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How to Deal with Disturbing News – A Message for Our Times from Deepak Chopra

How to Deal with Disturbing News Deepak Chopra

“When we turn a tragedy into an opportunity to contribute something positive to the world, we begin to offset the pain and start the healing process.”

Almost every day we are exposed to disturbing headlines. Many of the stories are gratuitous in nature – more gossip than “news.”

But in our post 9-11 world there are truly disturbing current events that can deeply impact our sense of inner peace and well-being.

I happened to see Dr. Deepak Chopra today on MSNBC addressing the terrible shooting in Tucson that resulted in a catastrophic injury to Arizona Congresswoman Gabrielle Giffords and the deaths of several people including an innocent child.

I’d like to give you a link to the video of Dr. Chopra’s remarks but there doesn’t seem to be one available.  Instead I’ll summarize what I remember and add my own thoughts:

1. Become a neutral observer of your feelings…

Dr. Chopra says the highest level of human consciousness is the ability to witness oneself. Observe your fear, anger, or sadness.  Simply notice what you are feeling without trying to change it. This ability to take a step back in one’s own consciousness and observing your own feelings is the key to experiencing what Eckhart Tolle calls “the pain body” as separate from your core identity.  Yes, you have painful feelings, but your feelings are not who you are.  You are the field within which the feelings are arising. It also helps to “breathe through” the feelings.

2.  Remember a time you felt better…

Once you have allowed your negative feelings to just be there, gently turn your mind to a time when you felt a strong feeling of peace and well-being. It doesn’t have to be an important memory.  It could be as simple as thinking about how much you like the beach, or that certain Beatles song, or ice cream. Focus on feeling that good feeling as you connect to the memory.

Chopra says this human ability to remember and choose to connect to a different feeling is the second highest level of human consciousness. In my experience this is the most difficult part of the equation, but it is possible. The point isn’t to repress your bad feelings. It’s about allowing them to flow so that a better feeling can arise in the present moment. Small children are great at this – able to giggle after scraping a knee, even while their cheeks are damp with tears shed a moment before.  If you can manage to lift your own spirits, even for a moment,  you will create a cascade of brain chemicals that will not only make you feel better, it will create a state in which you will be able to think in much more constructive ways.

3. Try to find something positive in the negative situation…

Once you have calmed your mind and body by re-experiencing a more positive state, try to find something positive you can learn from the negative situation, no matter how small. Can you reframe the bad news as an example of “what-not-to-do?” Perhaps you can identify an opportunity for deeper understanding or forgiveness. Sometimes finding something positive within a tragedy is challenging, but do your best. At the very least, tragic news can help us remember to appreciate what’s really important in life.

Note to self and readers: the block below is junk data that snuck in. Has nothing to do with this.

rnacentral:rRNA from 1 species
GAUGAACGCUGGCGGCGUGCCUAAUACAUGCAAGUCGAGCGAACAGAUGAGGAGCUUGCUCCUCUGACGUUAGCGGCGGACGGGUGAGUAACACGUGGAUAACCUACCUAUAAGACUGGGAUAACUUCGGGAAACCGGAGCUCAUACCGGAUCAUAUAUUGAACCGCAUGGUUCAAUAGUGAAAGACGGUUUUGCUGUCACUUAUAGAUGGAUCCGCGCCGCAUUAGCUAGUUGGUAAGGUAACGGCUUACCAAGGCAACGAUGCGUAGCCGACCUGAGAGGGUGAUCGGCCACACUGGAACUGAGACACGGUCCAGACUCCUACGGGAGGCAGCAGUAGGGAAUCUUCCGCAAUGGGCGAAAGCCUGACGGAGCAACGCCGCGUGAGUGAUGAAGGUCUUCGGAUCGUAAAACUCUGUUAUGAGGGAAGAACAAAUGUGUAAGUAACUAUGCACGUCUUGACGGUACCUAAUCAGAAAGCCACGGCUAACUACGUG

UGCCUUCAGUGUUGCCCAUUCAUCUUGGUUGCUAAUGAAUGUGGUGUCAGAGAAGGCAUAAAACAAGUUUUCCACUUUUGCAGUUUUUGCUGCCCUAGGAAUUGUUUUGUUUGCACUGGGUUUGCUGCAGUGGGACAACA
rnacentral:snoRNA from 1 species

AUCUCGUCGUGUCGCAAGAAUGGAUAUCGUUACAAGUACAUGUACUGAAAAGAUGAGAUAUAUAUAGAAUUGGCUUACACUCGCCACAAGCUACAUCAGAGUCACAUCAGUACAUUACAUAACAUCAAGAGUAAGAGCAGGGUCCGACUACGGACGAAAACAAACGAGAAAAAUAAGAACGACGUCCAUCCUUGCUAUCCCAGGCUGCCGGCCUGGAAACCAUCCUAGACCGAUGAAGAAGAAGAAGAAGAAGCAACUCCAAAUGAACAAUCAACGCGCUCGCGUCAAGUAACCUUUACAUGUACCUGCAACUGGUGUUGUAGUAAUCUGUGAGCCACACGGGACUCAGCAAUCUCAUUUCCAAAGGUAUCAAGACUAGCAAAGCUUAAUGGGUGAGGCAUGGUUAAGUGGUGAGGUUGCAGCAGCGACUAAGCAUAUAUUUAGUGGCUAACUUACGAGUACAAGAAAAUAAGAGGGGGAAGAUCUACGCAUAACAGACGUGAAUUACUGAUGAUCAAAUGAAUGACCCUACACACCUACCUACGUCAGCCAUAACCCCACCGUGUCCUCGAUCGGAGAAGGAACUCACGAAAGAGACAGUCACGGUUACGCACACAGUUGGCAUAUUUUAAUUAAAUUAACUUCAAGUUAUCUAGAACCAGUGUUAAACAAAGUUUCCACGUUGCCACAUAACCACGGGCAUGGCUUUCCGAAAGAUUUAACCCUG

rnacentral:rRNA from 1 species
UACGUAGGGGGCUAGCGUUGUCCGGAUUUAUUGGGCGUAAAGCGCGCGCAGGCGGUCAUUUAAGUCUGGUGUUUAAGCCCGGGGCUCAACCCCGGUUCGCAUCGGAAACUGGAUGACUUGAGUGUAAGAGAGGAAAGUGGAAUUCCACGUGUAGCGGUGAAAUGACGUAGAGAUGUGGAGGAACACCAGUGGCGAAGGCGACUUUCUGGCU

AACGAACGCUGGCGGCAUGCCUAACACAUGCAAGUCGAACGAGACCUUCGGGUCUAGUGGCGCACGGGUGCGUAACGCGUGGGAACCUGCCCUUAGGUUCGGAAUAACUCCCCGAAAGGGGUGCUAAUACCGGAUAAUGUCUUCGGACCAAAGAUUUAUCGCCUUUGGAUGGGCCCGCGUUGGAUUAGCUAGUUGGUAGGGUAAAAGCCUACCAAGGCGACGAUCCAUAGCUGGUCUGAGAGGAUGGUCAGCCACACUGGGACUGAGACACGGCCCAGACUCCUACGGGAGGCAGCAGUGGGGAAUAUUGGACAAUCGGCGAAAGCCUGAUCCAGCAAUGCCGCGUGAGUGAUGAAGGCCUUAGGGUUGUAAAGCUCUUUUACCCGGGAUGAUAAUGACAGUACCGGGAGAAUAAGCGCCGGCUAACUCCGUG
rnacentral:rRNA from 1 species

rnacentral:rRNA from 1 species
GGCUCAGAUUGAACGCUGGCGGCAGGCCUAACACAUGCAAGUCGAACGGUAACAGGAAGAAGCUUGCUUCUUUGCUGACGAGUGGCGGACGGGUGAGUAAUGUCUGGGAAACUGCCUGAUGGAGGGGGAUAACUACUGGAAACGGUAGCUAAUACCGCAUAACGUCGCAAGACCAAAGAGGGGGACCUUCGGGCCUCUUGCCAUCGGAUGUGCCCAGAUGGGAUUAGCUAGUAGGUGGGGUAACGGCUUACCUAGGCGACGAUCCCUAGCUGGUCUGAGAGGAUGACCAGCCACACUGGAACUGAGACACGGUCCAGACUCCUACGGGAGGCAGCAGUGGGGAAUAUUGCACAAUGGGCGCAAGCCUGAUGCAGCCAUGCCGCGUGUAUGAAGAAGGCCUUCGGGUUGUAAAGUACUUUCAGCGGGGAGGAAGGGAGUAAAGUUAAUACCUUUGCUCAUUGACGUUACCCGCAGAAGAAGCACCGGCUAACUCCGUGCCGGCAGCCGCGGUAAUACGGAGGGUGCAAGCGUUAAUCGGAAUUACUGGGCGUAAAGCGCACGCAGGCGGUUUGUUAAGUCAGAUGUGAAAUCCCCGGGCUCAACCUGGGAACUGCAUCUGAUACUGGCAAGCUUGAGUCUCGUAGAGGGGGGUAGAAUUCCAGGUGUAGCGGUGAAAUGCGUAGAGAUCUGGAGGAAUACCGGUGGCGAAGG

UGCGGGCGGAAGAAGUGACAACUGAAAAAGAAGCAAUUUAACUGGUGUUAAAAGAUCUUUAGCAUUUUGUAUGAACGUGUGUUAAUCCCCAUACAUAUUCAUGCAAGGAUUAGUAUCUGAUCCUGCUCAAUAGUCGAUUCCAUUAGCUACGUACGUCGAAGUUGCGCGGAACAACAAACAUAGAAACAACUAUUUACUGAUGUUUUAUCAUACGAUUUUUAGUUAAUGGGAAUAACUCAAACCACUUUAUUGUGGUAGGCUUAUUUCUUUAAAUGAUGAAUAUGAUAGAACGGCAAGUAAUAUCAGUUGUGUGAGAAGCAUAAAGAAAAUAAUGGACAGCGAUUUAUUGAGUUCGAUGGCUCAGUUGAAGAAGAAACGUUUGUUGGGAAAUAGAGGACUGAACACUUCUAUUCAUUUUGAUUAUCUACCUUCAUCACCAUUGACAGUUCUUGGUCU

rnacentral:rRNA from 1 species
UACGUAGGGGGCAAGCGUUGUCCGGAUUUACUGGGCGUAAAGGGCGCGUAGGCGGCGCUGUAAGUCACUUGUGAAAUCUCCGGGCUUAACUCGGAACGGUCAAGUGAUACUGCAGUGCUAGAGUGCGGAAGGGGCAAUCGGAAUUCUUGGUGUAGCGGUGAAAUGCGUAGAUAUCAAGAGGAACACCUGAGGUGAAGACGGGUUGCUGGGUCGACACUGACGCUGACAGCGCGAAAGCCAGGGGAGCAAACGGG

4. Take positive action…

If the bad news is personal, positive action may involve making changes in your daily life or relationships. In the case of a community or national tragedy, you may feel called to serve in some way. When we turn a tragedy into an opportunity to contribute something positive to the world, we begin to offset the pain and start the healing process.

What are your thoughts?

After going through these four points Dr. Chopra pointed out that they are fundamentally about Being, Feeling, Thinking and Acting  – and in that order. Dr. Chopra also suggested filling cyberspace with peace by tweeting and posting messages of peace on Facebook as one kind of positive action. I’m a bit embarrassed to admit this, but hearing him say that in his Indian accent made me want to roll my eyes. It seemed like frivolous New Age babble, especially in the shadow of people dying needlessly. Then I remembered my mission.

Even though I’m a strong advocate for the power of thought, like many people I’m easily seduced by the idea that negativity is more “realistic” than a positive thought about peace. But what if that’s the biggest lie of all?

What if Deepak Chopra’s invitation isn’t silly? What if you focusing your mind on peace – especially during stressful times – might be a powerful antidote to all the negative media messages you are exposed to everyday?

Behind every action, every feeling, and every word, there is a thought. What if millions of people focused their thoughts and words on peace, if only for a few minutes?  How powerful might that be?

Related Posts:

For Our World – A Poem Written on 9-11 by Mattie Stepanek
Memorial Day 2010 – Some Random Notes on Memory
How Can I Feel Good When So Much Around Me Is Bad?

{ 17 comments… add one }
  • I think this is fantastic. I live less than 2 hours from Tuscon having moved here 3 years ago from Michigan.

    Here’s what I think of the incident.
    If we really believe that peace begins with me and within us lies all answers, then it’s time to look within for the solutions.
    The external world is a microcosm of our internal world. When we can all have more inner peace we will also have external peace.

    How could this terrible thing happen in Tuscon?
    Mother Teresa says we all have a mini Hitler in us. Daily we murder people with our thoughts, words and actions. So within…without.

    • Linda Gabriel